Our recent security study, Innovation in Cybersecurity: Approach, Tools and Technologies, reveals that the financial services, government, retail, healthcare and education sectors have all experienced significant cybersecurity incidents over the last year. Now more than ever, malicious actors are looking to take advantage of the changing business landscape. With the average security breach costing between $7 million and $8.7 million, our findings show that threats are accelerating against all types of organizations.
Here’s an industry snapshot of the attacks, security gaps and cost-of-compromise facing Canada’s five major industry sectors today:
Due to the nature of financial services’ extremely sensitive and valuable data, information security is paramount to these organizations. Our survey shows that at least one attack occurs against financial services every day, with an average of 708 attacks per organization each year. This sector runs the highest risk of intellectual property and customer data breaches from cybercriminals than any other sector. Despite being able to mitigate these attacks before they turn into incidents 86 percent of the time, in the event of a breach, the average costs incurred to recover from an attack ranges upward of $8.4 million. Though financial services organizations tend to place a greater emphasis on prevention than other sectors, one of the biggest issues is third-party partner risk, with 82 percent of respondents having experienced a security breach because of the poor security practices and hygiene of a third-party partner. A strong cybersecurity posture goes beyond governance, risk management and compliance (GRC) – it’s critical for financial services, like all sectors, to thoroughly assess third-party partnerships and processes in order to prevent future attacks.
Government bodies receive an average of 460 attacks each year per organization, mitigating 76 percent of those attacks before they turn into incidents. The cost of a breach is particularly high in this sector, as the average costs to respond to and recover from attacks range from $8.2 to $13.9 million, with only four percent of government respondents are highly confident in their organizations’ ability to prevent cybersecurity breaches. Additionally, despite GRC remaining a primary skillset challenge among existing employees, governments report a lower than survey average (46 percent compared to 49 percent, respectively) of difficulty hiring qualified candidates. This demonstrates that beyond hiring, ongoing training and education is key to ensure that employees understand how to identity evolving security gaps, implement preventative measures and mitigate attacks that do inevitably occur.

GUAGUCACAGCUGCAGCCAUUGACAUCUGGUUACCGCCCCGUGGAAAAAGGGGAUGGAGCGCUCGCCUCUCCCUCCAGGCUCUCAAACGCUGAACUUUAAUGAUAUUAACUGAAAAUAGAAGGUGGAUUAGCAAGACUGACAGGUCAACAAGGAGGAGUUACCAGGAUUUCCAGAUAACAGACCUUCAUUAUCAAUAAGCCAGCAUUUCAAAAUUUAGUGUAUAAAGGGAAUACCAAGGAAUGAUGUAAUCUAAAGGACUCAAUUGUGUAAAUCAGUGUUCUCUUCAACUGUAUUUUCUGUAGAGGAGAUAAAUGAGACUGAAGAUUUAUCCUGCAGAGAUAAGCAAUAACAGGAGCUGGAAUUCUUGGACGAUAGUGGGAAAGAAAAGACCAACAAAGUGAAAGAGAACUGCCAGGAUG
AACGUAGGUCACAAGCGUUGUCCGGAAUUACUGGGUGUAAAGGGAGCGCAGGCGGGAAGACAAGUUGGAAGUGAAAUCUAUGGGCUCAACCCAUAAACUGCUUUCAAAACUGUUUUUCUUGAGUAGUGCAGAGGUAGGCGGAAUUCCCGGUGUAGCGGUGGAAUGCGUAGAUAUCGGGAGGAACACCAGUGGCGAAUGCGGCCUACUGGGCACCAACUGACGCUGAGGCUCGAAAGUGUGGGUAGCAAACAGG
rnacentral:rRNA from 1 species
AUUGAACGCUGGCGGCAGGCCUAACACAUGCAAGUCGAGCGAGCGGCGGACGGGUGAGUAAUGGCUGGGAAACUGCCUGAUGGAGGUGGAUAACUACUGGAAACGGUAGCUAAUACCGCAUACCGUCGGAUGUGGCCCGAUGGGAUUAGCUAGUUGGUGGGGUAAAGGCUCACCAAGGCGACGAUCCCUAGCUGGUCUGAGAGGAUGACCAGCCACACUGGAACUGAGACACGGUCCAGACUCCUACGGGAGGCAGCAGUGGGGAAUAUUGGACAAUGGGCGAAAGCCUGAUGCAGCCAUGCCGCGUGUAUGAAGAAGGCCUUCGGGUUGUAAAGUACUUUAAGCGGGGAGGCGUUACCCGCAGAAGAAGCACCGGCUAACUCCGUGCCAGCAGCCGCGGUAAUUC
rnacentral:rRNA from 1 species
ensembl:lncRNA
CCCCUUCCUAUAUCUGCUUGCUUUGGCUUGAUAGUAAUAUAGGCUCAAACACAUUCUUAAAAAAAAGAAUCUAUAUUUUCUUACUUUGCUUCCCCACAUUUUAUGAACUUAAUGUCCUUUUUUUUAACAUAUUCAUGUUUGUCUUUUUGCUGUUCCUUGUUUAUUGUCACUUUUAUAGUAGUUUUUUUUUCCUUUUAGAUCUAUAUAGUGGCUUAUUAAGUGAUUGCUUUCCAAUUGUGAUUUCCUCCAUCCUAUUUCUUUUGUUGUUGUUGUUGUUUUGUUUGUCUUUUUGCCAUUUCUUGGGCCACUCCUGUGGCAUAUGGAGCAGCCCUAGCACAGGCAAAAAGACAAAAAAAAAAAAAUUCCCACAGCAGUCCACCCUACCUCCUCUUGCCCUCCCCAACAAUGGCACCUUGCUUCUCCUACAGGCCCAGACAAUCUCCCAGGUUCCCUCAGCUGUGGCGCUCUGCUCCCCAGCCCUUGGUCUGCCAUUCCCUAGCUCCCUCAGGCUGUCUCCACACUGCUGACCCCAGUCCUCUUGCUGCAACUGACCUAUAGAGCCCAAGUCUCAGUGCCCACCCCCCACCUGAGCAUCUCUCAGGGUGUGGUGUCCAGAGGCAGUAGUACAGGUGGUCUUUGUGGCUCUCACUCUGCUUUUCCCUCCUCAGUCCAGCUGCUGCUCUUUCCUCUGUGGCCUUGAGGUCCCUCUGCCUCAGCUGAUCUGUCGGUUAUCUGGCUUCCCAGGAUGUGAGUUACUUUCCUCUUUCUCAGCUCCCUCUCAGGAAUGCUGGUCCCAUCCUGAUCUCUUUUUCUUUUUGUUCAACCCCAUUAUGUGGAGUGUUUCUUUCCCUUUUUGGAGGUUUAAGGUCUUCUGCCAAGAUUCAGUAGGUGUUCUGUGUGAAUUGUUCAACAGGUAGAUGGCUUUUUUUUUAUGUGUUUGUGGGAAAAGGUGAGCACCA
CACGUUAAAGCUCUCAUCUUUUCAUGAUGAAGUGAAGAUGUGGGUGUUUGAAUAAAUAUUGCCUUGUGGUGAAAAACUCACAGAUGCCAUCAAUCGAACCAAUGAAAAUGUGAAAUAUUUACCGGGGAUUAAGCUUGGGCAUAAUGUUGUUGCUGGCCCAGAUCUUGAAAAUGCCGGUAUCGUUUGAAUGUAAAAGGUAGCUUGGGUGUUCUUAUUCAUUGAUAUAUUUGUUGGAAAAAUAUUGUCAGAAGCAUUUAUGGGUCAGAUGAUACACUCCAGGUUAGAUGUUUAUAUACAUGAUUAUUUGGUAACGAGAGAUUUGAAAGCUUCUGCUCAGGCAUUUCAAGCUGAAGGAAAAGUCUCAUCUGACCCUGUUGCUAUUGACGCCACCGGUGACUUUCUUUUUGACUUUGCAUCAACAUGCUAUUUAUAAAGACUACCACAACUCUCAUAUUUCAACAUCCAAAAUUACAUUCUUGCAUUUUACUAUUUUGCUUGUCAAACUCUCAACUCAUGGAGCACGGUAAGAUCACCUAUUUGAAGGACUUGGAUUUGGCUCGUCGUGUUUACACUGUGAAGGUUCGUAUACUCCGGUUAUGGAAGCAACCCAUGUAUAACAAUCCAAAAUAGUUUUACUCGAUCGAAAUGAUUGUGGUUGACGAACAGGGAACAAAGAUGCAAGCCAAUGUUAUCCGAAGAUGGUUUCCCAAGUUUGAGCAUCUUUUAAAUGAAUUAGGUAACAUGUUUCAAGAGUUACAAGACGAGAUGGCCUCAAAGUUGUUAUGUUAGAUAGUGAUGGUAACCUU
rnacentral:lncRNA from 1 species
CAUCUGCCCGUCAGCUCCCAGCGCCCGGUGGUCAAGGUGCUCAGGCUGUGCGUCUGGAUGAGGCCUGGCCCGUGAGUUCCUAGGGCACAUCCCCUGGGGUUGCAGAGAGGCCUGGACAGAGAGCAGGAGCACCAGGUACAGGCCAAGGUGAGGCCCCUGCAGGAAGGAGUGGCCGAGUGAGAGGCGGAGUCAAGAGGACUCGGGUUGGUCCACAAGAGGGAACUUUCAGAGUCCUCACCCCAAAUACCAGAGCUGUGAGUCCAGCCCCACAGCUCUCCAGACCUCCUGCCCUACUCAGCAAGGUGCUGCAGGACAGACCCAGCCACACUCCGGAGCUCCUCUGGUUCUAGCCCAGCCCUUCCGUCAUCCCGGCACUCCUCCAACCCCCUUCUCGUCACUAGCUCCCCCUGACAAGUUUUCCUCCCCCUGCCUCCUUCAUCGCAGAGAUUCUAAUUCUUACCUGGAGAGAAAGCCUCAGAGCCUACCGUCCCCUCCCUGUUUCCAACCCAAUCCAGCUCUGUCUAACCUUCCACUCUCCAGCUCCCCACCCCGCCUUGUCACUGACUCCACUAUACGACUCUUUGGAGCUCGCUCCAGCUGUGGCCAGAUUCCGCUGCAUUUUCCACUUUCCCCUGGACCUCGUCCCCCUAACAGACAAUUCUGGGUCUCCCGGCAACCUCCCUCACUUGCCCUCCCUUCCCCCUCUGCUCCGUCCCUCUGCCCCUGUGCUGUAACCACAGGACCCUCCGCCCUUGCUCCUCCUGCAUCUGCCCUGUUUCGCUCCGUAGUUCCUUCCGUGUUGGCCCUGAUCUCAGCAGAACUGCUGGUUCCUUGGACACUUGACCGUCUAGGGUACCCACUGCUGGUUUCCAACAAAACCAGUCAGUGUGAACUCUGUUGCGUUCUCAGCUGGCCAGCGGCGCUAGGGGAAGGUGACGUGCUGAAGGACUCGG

Amid the global pandemic, nearly all commerce has gone digital. Retail has been one of the hardest hit sectors by stay-at-home orders and lockdowns. This has been particularly challenging for small and medium businesses, with many organizations being forced to offer online solutions for the first time to maintain business continuity. Unfortunately, this has exposed critical security gaps, as retailers are attacked an average of 479 times each year, with one quarter (25 percent) of those attacks turning into full-blown incidents. When these attacks successfully become incidents, the average cost to respond to and fully recover from an attack ranges from $8 million to $12.7 million. This shows that the importance of cybersecurity is paramount, yet only 17 percent of retail respondents are highly confident in their organizations’ ability to prevent cybersecurity breaches. Among the many challenges facing the retail sector in today’s environment, it’s clear that cybersecurity is one of the most pressing and needs to be prioritized in order to avoid falling victim to malicious actors.